\begin{aligned} &d \bigl\Vert u^{1}-u^{2} \bigr\Vert _{H^{s}}^{2}+2 \bigl\Vert \nabla u^{1}-\nabla u^{2} \bigr\Vert _{H^{s}} ^{2}\,dt \\ &\quad = -2\bigl\langle \varphi _{N}^{u^{1},\rho ^{1}} \bigl(u^{1}\cdot \nabla u^{1}\bigr)- \varphi _{N}^{u^{2},\rho ^{2}}\bigl(u^{2}\cdot \nabla u^{2} \bigr),u^{1}-u^{2} \bigr\rangle _{H^{s}}\,dt \\ &\quad\quad{} + \bigl\Vert \varPhi _{1}^{1}-\varPhi _{1}^{2} \bigr\Vert _{\mathbb{H}^{s}}^{2}\,dt+2 \bigl\langle \varPhi _{1,i}^{1}-\varPhi _{1,i}^{2},u^{1}-u^{2} \bigr\rangle _{H^{s}} \,dW_{i} \\ &\quad\quad{} +2\bigl\langle \bigl(\rho ^{1}-\rho ^{2} \bigr)e_{3},u^{1}-u^{2}\bigr\rangle _{H^{s}} \,dt, \end{aligned}
(3.2)

and

\begin{aligned} &d \bigl\Vert \rho ^{1}-\rho ^{2} \bigr\Vert _{H^{s}}^{2}+2 \bigl\Vert \nabla \rho ^{1}-\nabla \rho ^{2} \bigr\Vert _{H^{s}}^{2}\,dt \\ &\quad = -2\bigl\langle \varphi _{N}^{u^{1},\rho ^{1}} \bigl(u^{1}\cdot \nabla \rho ^{1}\bigr)- \varphi _{N}^{u^{2},\rho ^{2}}\bigl(u^{2}\cdot \nabla \rho ^{2}\bigr),\rho ^{1}-\rho ^{2}\bigr\rangle _{H^{s}}\,dt \\ &\quad\quad{} + \bigl\Vert \varPhi _{1}^{2}-\varPhi _{2}^{2} \bigr\Vert _{\mathbb{H}^{s}}^{s}\,dt+2 \bigl\langle \varPhi _{i,1}^{2}-\varPhi _{i,2}^{2}, \rho ^{1}-\rho ^{2}\bigr\rangle _{H^{s}} \,d \widetilde{W}_{i}. \end{aligned}
(3.3)

We have the following proposition.

### Proposition 3.1

For any $$T>0$$, we have

\begin{aligned} \begin{aligned}[b] &\mathbb{E} \biggl(\sup_{0\leq t\leq T}\bigl( \bigl\Vert \bar{u}(t) \bigr\Vert _{H^{s}} ^{2}+ \bigl\Vert \bar{\rho }(t) \bigr\Vert _{H^{s}}^{2}\bigr)+ \int _{0}^{T}\bigl( \Vert \nabla \bar{u} \Vert _{H^{s}}^{2}+ \Vert \nabla \bar{\rho } \Vert _{H^{s}}^{2}\bigr)\,dt \biggr) \\ &\quad \leq e^{C_{N,T}}\mathbb{E} ( \Vert \bar{u}_{0} \Vert _{H^{s}}^{2}+ \Vert \bar{ \rho }_{0} \Vert _{H^{s}}^{2}+ \int _{0}^{T}\bigl( \Vert \bar{\varPhi }_{1} \Vert _{\mathbb{H} ^{s}}^{2}+ \Vert \bar{\varPhi }_{2} \Vert _{\mathbb{H}^{s}}^{2}\,dt \bigr), \end{aligned} \end{aligned}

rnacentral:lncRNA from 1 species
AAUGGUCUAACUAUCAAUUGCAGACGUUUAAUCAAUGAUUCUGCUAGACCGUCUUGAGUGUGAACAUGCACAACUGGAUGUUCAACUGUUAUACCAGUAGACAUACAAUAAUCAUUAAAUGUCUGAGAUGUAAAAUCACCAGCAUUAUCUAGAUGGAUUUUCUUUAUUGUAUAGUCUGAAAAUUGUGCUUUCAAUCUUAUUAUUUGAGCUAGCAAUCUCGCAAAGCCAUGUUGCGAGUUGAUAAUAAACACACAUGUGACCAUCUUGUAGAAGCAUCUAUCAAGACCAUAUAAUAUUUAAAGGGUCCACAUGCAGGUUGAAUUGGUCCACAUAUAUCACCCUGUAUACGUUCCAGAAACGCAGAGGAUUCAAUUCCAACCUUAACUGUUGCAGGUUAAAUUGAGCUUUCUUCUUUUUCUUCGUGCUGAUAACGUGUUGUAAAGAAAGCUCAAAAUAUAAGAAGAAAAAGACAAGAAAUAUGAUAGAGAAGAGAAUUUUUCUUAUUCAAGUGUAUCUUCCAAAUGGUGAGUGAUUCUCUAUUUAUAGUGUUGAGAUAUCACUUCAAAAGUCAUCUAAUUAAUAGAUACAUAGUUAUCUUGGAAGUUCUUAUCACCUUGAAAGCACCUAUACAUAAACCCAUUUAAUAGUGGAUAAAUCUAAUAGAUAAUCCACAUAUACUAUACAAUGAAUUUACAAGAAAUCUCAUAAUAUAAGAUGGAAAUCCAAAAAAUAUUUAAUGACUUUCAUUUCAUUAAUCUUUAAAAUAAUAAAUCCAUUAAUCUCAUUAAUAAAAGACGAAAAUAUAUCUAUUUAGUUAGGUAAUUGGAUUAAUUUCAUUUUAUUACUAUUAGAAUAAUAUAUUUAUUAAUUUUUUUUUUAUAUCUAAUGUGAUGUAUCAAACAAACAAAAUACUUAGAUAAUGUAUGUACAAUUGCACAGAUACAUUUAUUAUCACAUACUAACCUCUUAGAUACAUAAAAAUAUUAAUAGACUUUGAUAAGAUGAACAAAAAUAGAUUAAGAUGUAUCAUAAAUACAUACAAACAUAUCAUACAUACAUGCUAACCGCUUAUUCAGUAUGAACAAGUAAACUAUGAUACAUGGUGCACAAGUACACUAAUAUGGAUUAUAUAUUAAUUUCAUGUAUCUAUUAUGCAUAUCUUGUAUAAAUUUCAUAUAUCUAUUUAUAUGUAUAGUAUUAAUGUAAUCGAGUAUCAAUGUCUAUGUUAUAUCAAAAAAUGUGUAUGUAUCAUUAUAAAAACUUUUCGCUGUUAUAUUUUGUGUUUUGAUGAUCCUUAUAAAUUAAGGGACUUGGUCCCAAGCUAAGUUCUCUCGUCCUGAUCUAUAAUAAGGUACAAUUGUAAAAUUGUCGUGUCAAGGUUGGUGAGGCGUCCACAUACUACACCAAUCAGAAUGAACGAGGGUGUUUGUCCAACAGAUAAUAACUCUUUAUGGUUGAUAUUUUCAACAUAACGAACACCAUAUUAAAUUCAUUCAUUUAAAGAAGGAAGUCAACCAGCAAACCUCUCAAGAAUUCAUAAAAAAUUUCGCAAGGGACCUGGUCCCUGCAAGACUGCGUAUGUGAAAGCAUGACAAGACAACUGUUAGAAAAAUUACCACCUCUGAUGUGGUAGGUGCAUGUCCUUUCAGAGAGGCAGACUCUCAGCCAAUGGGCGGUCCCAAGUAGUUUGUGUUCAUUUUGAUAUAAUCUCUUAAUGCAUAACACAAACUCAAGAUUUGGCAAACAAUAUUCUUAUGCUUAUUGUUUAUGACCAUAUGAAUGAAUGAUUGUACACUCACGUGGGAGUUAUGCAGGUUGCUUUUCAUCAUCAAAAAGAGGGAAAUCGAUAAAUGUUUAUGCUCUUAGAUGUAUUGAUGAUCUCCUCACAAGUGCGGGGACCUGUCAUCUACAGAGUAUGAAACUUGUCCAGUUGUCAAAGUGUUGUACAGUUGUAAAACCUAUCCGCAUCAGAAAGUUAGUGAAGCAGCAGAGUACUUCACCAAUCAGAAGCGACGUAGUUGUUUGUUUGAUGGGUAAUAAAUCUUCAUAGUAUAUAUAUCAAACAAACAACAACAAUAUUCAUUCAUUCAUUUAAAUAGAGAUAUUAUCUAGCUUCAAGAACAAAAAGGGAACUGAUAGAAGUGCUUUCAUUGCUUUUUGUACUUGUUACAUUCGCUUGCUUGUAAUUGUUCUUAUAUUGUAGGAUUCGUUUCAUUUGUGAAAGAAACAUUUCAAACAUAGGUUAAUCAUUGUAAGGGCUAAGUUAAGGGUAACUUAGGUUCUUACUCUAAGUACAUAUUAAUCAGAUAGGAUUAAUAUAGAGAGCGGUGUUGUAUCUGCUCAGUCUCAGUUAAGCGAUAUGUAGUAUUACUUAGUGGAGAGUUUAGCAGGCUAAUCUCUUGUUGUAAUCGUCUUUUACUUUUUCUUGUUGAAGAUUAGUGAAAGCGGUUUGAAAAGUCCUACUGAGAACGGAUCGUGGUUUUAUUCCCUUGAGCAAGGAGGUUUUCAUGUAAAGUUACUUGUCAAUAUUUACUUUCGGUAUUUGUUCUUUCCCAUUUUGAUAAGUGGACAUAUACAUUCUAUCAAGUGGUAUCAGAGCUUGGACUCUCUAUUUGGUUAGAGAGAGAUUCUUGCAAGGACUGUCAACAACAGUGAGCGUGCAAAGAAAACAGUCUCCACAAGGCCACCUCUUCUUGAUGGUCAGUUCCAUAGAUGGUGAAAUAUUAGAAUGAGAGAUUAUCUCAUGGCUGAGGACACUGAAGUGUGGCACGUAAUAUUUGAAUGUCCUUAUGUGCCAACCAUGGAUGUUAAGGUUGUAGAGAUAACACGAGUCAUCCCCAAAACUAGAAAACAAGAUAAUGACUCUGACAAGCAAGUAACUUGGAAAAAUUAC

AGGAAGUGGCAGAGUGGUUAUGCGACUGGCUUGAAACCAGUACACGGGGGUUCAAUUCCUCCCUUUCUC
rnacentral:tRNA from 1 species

(3.4)

where $$\bar{u}=u_{1}-u_{2}$$, $$\bar{\rho }=\rho _{1}-\rho _{2}$$, and $$\bar{\varPhi }_{i}=\varPhi _{i}^{1}-\varPhi _{i}^{2}$$ ($$i=1,2$$).

### Proof

Set

\begin{aligned} &Q_{1}(t)= \bigl\vert \bigl\langle \varphi _{N}^{u^{1},\rho ^{1}} \bigl(u^{1}\cdot \nabla u ^{1}\bigr)-\varphi _{N}^{u^{2},\rho ^{2}}\bigl(u^{2}\cdot \nabla u^{2} \bigr),u^{1}-u ^{2}\bigr\rangle _{H^{s}} \bigr\vert , \\ &Q_{2}(t)= \bigl\vert \bigl\langle \varphi _{N}^{u^{1},\rho ^{1}} \bigl(u^{1}\cdot \nabla \rho ^{1}\bigr)-\varphi _{N}^{u^{2},\rho ^{2}}\bigl(u^{1}\cdot \nabla \rho ^{2}\bigr), \rho ^{1}-\rho ^{2}\bigr\rangle _{H^{s}} \bigr\vert . \end{aligned}

We consider three cases:

1. Case 1:

$$\varphi _{N}^{u^{1},\rho ^{1}}>0$$, $$\varphi _{N}^{u^{2}, \rho ^{2}}>0$$:

\begin{aligned}& \begin{aligned}[b] Q_{1}(t) &\leq \bigl\vert \varphi _{N}^{u^{1},\rho ^{1}}-\varphi _{N}^{u^{2},\rho ^{2}} \bigr\vert \bigl\vert \bigl\langle u^{1}\cdot \nabla u^{1},u^{1}-u^{2}\bigr\rangle _{H^{s}} \bigr\vert \\ &\quad{} + \bigl\vert \bigl\langle \bigl(u^{1}-u^{2} \bigr)\cdot \nabla u^{1},u^{1}-u^{2}\bigr\rangle _{H^{s}} \bigr\vert \\ &\quad{} + \bigl\vert \bigl\langle u^{2}\cdot \nabla \bigl(u^{1}-u^{2}\bigr), u^{1}-u^{2} \bigr\rangle _{H ^{s}} \bigr\vert \\ & := I_{1}+I_{2}+I_{3}, \end{aligned} \end{aligned}
(3.5)